Cholera is a bacterial infection. It is caused by drinking water contaminated with vibrio cholerae bacteria, or by eating food that has been in contact with contaminated water.
The most common symptoms of cholera are:
Left untreated the combination of diarrhoea and vomiting can cause a person to quickly become dehydrated (lack of fluids inside their body) and go into shock (experience a sudden massive drop in blood pressure). In the most severe cases these conditions can be fatal.
How cholera is spread
Around three-quarters of people who are exposed to cholera bacteria do not develop any symptoms. However, these people can contaminate water by passing stools (faeces) that contain bacteria into water, or pass on the disease through poor food hygiene.
How common is it?
Because of the improvements in sanitation and water hygiene over the last 100 years or so, cholera has been wiped out in much of the world.
Cases of cholera are now largely confined to regions of the world with poor sanitation and water hygiene, such as:
- sub-Saharan Africa (all the countries south of the Sahara desert)
- south and south-east Asia, particularly India and Bangladesh
- some parts of the Middle East
- some parts of South America
Even in these parts of the world, cholera remains relatively uncommon. However, mass outbreaks can occur in times of natural disaster, war, or civil unrest due to overcrowding of people in poor living conditions and a lack of access to clean water.
For example there was a large outbreak of cholera in Haiti in 2010 after an earthquake.
Advice for travellers
If you are travelling to parts of the world known to be affected by cholera, following some basic precautions should prevent you from contracting a cholera infection:
- maintain good personal hygiene
- only drink water from a bottle that has been properly sealed or carbonated
- do not buy ice cream, ice cubes or fruit juices from street vendors
- do not eat raw vegetables, peeled fruit, shellfish or salads
Travellers who do contract cholera tend to have a much better outlook as they are generally healthy and well fed.
Unfortunately many people in the developing world who catch cholera are often malnourished and in a poor state of health so they are much more vulnerable to the effects of the infection.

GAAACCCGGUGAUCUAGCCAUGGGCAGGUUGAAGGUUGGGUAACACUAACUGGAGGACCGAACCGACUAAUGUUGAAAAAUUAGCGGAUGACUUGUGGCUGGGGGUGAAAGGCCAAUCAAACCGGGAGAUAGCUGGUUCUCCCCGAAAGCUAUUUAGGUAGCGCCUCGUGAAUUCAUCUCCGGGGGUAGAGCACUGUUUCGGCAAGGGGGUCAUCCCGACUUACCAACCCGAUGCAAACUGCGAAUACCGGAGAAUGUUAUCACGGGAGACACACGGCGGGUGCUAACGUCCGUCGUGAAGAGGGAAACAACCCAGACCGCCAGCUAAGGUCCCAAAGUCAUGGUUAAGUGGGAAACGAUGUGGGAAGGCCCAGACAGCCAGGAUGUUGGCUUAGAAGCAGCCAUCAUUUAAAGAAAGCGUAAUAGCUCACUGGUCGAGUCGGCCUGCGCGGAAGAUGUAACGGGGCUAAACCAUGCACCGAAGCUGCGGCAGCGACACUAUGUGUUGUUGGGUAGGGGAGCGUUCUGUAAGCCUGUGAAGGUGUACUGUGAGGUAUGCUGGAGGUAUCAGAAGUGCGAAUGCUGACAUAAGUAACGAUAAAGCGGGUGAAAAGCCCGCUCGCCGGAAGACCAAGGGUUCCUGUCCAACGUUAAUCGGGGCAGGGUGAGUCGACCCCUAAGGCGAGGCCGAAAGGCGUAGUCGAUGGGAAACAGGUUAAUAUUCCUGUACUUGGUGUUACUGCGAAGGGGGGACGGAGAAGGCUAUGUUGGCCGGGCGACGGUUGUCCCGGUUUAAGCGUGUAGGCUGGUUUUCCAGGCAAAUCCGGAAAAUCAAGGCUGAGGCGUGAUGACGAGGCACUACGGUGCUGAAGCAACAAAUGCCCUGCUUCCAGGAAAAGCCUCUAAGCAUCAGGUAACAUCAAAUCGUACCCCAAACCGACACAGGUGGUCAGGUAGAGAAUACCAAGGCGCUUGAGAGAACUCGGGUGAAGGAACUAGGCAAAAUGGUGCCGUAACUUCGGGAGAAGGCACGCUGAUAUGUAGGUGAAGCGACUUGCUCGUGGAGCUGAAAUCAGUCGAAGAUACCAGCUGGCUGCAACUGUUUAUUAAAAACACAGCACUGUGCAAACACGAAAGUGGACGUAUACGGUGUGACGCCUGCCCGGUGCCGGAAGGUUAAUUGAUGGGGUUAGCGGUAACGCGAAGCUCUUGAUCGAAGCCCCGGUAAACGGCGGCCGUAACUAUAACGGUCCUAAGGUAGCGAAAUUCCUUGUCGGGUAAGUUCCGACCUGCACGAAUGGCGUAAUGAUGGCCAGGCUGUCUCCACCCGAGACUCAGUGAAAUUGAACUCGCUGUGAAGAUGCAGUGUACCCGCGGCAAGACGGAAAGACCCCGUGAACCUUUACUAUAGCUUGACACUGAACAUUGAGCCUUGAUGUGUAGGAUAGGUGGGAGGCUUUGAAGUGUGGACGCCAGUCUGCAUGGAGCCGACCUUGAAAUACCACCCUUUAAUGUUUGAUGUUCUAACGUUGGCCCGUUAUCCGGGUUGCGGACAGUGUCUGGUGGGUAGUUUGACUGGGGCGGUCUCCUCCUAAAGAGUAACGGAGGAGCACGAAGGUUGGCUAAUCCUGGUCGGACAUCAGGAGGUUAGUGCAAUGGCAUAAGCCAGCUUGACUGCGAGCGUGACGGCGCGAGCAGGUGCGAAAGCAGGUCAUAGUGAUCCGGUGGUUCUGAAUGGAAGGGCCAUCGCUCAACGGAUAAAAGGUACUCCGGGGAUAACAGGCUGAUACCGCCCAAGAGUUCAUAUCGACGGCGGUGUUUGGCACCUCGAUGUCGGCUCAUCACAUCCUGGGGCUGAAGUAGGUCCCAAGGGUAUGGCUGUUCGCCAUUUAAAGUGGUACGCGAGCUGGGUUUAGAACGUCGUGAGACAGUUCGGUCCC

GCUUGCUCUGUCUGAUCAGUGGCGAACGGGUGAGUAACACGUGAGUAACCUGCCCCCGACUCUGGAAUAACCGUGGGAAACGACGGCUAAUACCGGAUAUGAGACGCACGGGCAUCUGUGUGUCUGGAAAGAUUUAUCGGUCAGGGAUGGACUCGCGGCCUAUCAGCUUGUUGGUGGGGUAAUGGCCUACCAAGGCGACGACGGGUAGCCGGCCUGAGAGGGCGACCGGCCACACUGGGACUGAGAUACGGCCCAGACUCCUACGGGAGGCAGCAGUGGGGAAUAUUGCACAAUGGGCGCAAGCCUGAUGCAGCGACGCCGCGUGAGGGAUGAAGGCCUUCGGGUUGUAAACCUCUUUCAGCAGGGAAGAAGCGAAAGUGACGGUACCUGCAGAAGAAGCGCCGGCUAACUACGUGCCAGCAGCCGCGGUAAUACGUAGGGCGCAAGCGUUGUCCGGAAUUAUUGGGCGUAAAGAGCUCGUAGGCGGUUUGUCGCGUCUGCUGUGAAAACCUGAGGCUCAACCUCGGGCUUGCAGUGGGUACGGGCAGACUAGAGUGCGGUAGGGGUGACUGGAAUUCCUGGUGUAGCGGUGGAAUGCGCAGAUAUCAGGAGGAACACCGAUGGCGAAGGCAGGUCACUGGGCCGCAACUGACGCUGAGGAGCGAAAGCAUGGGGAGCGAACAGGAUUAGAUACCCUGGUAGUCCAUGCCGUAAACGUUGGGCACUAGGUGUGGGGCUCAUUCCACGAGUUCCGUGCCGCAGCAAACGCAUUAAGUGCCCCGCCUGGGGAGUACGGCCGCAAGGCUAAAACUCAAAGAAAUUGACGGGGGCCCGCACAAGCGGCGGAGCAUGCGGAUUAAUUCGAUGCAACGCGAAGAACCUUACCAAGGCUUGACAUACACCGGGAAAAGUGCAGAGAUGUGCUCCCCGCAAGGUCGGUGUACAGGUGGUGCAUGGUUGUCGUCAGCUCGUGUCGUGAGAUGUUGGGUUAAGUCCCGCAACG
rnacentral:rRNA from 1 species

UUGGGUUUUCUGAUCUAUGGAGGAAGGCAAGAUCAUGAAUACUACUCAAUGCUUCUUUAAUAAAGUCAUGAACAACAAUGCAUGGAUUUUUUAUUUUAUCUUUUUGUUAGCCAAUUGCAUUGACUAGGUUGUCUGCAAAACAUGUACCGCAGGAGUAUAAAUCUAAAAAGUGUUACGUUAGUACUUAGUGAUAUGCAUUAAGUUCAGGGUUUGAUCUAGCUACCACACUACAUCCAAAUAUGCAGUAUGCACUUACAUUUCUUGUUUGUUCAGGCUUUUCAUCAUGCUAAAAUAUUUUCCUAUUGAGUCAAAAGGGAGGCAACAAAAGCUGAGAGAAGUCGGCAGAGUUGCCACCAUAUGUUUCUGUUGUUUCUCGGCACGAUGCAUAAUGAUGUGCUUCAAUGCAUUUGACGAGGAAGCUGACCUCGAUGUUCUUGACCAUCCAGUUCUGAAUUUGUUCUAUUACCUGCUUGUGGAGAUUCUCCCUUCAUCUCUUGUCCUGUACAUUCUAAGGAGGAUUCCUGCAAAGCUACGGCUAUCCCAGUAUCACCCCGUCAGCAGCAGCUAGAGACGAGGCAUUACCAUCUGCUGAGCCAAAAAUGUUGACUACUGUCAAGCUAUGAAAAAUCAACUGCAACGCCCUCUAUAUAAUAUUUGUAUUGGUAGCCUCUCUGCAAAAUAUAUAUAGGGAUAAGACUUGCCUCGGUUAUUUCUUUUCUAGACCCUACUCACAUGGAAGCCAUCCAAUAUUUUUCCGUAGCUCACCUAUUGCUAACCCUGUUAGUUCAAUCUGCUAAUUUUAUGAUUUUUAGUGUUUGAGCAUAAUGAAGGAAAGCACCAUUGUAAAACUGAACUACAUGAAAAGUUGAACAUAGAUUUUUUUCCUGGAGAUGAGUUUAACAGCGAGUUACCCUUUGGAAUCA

There is a vaccine (given as a drink) that protects against cholera. It is estimated to be 85% effective.
Vaccination is usually only required for:
- people travelling in remote areas where cholera epidemics are occurring and there is limited access to medical care
- those intending to visit high-risk areas such as refugee camps or war zones
- those taking part in disaster relief operations
These people include emergency relief workers, members of the armed forces and healthcare workers.
It is important to get advice from your nurse or doctor about whether you need a cholera vaccination well in advance of travelling.
Read more about travel vaccinations.
Cholera needs prompt treatment with oral rehydration solution (ORS) to prevent dehydration and shock. ORS comes in a sachet. It is made up of a mixture of salts and glucose, which are dissolved in water. ORS is ideal for replacing the fluids and minerals that are lost when a person becomes dehydrated.
As well as treating dehydration and shock with ORS, antibiotics can be used to treat the underlying infection.
ORS sachets are available from many pharmacists, camping shops and travel clinics. If you are travelling to regions of the world affected by cholera, take ORS sachets as a precaution.
Your.MD Local Advice (New Zealand)
If you are concerned about Cholera you should always contact emergency services by calling 111 or visit a hospital, nurse or doctor.
The Ministry of Health website has more information on contact details for public hospitals in New Zealand.